What about LSSC and Min/Max?

Let’s see how our Safety Stock Calculator can be plugged into a Min/Max framework. The goal is to update the Min & Max values to optimize the inventory based on the forecasts delivered by Lokad.

The calculator reports reorder points. Thus, handling MIN values is rather straightforward since MIN = ReorderPoint. The calculator even lets you export reorder points directly into any 3rd party database. Yet, MAX values are slightly more complicated. The MAX definition states that:

MAX = ReorderQuantity + InventoryOnHand  + InventoryOnOrder

Let’s start with the ReorderQuantity. The safety stock analysis gives us:

ReorderQuantity = LeadDemand + SafetyStock
                             - InventoryOnHand - InventoryOnOrder

Which could be rewritten as:

ReorderQuantity = ReorderPoint - InventoryOnHand - InventoryOnOrder

where ReorderPoint = LeadDemand + SafetyStock Thus,

MAX = ReorderQuantity + InventoryOnHand  + InventoryOnOrder

Becomes

MAX = (ReorderPoint - InventoryOnHand - InventoryOnOrder)
    + InventoryOnHand  + InventoryOnOrder

Which simplifies into MAX = ReorderPoint that is to say MAX = MIN.

Obviously there is something fishy going on here. Did you spot what’s wrong in our reasoning?

Well, we haven’t defined any cost being associated with order operations. Consequently, the maths end up telling us something rather obvious: without extra cost for a new order (except the cost of buying the product from the supplier), the optimal planning involves an infinite number of replenishments, where the size of each replenishment tend to zero (or rather tend to 1 if we assume that no fractional product can be ordered).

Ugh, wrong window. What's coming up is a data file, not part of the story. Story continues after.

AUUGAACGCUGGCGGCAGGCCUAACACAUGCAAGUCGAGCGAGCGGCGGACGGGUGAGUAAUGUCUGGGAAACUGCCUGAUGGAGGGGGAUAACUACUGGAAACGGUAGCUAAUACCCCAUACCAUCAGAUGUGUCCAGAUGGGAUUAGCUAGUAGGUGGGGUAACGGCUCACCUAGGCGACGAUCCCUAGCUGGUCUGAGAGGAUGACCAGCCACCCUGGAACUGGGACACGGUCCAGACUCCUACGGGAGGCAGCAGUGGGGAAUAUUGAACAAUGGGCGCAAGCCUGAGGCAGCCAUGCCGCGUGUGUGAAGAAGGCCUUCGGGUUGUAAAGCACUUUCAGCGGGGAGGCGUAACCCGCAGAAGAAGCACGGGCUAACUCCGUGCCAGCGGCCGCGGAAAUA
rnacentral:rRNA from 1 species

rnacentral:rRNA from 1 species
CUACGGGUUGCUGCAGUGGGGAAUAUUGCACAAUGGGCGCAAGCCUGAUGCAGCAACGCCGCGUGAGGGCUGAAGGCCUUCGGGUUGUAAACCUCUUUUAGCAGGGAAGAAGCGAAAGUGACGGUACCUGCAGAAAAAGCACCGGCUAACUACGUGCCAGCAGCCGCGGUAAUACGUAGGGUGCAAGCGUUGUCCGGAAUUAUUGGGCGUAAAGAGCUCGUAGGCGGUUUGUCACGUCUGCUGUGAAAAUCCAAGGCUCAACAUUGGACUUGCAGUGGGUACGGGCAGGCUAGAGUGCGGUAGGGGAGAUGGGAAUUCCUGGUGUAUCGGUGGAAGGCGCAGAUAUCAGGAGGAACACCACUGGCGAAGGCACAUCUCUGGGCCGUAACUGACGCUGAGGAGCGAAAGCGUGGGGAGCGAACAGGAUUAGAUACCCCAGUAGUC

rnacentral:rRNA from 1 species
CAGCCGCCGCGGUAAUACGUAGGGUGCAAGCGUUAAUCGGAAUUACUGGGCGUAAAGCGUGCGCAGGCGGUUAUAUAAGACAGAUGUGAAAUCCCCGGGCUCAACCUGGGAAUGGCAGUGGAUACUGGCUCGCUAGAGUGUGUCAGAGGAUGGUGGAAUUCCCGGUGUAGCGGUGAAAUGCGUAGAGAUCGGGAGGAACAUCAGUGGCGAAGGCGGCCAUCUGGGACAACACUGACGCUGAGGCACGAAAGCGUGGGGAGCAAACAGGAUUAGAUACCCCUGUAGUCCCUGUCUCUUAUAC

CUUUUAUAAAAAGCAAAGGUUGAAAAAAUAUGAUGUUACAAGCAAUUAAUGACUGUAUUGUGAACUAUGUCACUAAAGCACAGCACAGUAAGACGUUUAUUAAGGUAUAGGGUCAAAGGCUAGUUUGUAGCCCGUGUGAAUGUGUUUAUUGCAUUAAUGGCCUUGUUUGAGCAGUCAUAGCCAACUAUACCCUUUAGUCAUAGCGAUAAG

Getting back to a more reasonable situation, we need to introduce the EOQ (Economic Order Quantity): the minimal amount of inventory that maintain the expected profit margin on the product. Note that our definition differs a bit from the historical EOQ that is a tradeoff between fixed cost per order and the holding cost.

In our experience, the EOQ is a complex product-specific mix:

  • It depends on volume discounts.
  • It depends on product lifetime, and potentially expiration dates.
  • It depends (potentially) on other orders being placed in the time.
  • ...

Thus, we are not going to define EOQ here, as it would go beyond the scope of this post. Instead, we are just going to assume that this value is known to the retailers (somehow). Introducing the EOQ leads to:

MAX = MIN + EOQ

What’s the impact of EOQ on service level?

Let have another look at the schema. The Point 2 illustrates what happens when the reorder quantity is made larger: the replenishment cycle gets longer too (see Point 4), as it takes more time to reach the reorder point.

Other things being equal, increasing EOQ also increase service level, yet in a rather inefficient way, as it leads to a very uniform increase of your inventory levels that is not going to accurately match the demand.

Thus, we suggest taking the smallest EOQ that maintain the desired margin on the products being ordered.

Categories: insights, safety stock, supply chain Tags: inventory optimization safety stock supply chain 4 Comments